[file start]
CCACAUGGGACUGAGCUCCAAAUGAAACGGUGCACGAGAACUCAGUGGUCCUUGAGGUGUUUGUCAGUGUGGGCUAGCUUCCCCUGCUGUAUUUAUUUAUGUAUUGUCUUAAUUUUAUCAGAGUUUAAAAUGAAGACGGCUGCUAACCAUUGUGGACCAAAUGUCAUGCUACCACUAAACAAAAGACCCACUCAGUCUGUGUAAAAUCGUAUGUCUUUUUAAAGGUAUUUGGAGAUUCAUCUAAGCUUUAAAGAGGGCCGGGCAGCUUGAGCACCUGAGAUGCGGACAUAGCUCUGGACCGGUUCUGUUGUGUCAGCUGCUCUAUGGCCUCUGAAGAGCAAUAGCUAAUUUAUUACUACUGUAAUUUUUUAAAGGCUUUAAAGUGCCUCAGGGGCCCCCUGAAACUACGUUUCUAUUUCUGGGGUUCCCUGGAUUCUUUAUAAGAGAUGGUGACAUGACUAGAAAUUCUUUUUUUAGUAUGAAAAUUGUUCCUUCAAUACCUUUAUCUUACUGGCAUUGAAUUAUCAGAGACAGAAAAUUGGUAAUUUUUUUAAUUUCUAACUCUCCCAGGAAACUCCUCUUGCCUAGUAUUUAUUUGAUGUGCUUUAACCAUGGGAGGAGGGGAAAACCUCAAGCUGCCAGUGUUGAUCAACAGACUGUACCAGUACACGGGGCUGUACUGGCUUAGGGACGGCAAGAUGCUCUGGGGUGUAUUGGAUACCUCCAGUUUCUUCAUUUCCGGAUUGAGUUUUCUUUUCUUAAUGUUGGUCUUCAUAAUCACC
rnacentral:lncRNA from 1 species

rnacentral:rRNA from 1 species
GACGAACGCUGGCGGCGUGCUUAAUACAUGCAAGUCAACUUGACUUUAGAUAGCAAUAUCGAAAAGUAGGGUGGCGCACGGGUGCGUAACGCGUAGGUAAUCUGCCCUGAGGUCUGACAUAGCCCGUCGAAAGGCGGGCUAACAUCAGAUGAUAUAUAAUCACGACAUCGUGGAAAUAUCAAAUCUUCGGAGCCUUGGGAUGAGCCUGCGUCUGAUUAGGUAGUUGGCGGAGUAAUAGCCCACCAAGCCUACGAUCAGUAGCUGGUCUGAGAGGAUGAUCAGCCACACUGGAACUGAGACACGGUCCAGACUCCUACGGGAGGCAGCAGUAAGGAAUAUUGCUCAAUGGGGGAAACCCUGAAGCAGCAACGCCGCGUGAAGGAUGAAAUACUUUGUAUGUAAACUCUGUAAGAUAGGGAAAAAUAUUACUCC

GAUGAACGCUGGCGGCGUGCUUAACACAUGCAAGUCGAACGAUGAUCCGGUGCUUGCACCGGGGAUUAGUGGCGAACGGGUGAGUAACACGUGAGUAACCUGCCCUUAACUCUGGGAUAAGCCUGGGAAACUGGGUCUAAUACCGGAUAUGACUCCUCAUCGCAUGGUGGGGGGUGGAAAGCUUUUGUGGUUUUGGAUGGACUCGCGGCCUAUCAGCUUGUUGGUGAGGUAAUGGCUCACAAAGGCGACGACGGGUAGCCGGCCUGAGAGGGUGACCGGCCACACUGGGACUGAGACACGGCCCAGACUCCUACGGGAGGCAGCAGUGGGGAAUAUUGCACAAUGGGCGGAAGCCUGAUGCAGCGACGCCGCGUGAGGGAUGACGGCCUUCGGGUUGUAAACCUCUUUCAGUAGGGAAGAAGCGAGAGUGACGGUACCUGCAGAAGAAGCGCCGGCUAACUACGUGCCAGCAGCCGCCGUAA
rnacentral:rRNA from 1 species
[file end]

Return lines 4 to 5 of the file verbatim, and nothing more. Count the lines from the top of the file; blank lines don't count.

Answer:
GACGAACGCUGGCGGCGUGCUUAAUACAUGCAAGUCAACUUGACUUUAGAUAGCAAUAUCGAAAAGUAGGGUGGCGCACGGGUGCGUAACGCGUAGGUAAUCUGCCCUGAGGUCUGACAUAGCCCGUCGAAAGGCGGGCUAACAUCAGAUGAUAUAUAAUCACGACAUCGUGGAAAUAUCAAAUCUUCGGAGCCUUGGGAUGAGCCUGCGUCUGAUUAGGUAGUUGGCGGAGUAAUAGCCCACCAAGCCUACGAUCAGUAGCUGGUCUGAGAGGAUGAUCAGCCACACUGGAACUGAGACACGGUCCAGACUCCUACGGGAGGCAGCAGUAAGGAAUAUUGCUCAAUGGGGGAAACCCUGAAGCAGCAACGCCGCGUGAAGGAUGAAAUACUUUGUAUGUAAACUCUGUAAGAUAGGGAAAAAUAUUACUCC

GAUGAACGCUGGCGGCGUGCUUAACACAUGCAAGUCGAACGAUGAUCCGGUGCUUGCACCGGGGAUUAGUGGCGAACGGGUGAGUAACACGUGAGUAACCUGCCCUUAACUCUGGGAUAAGCCUGGGAAACUGGGUCUAAUACCGGAUAUGACUCCUCAUCGCAUGGUGGGGGGUGGAAAGCUUUUGUGGUUUUGGAUGGACUCGCGGCCUAUCAGCUUGUUGGUGAGGUAAUGGCUCACAAAGGCGACGACGGGUAGCCGGCCUGAGAGGGUGACCGGCCACACUGGGACUGAGACACGGCCCAGACUCCUACGGGAGGCAGCAGUGGGGAAUAUUGCACAAUGGGCGGAAGCCUGAUGCAGCGACGCCGCGUGAGGGAUGACGGCCUUCGGGUUGUAAACCUCUUUCAGUAGGGAAGAAGCGAGAGUGACGGUACCUGCAGAAGAAGCGCCGGCUAACUACGUGCCAGCAGCCGCCGUAA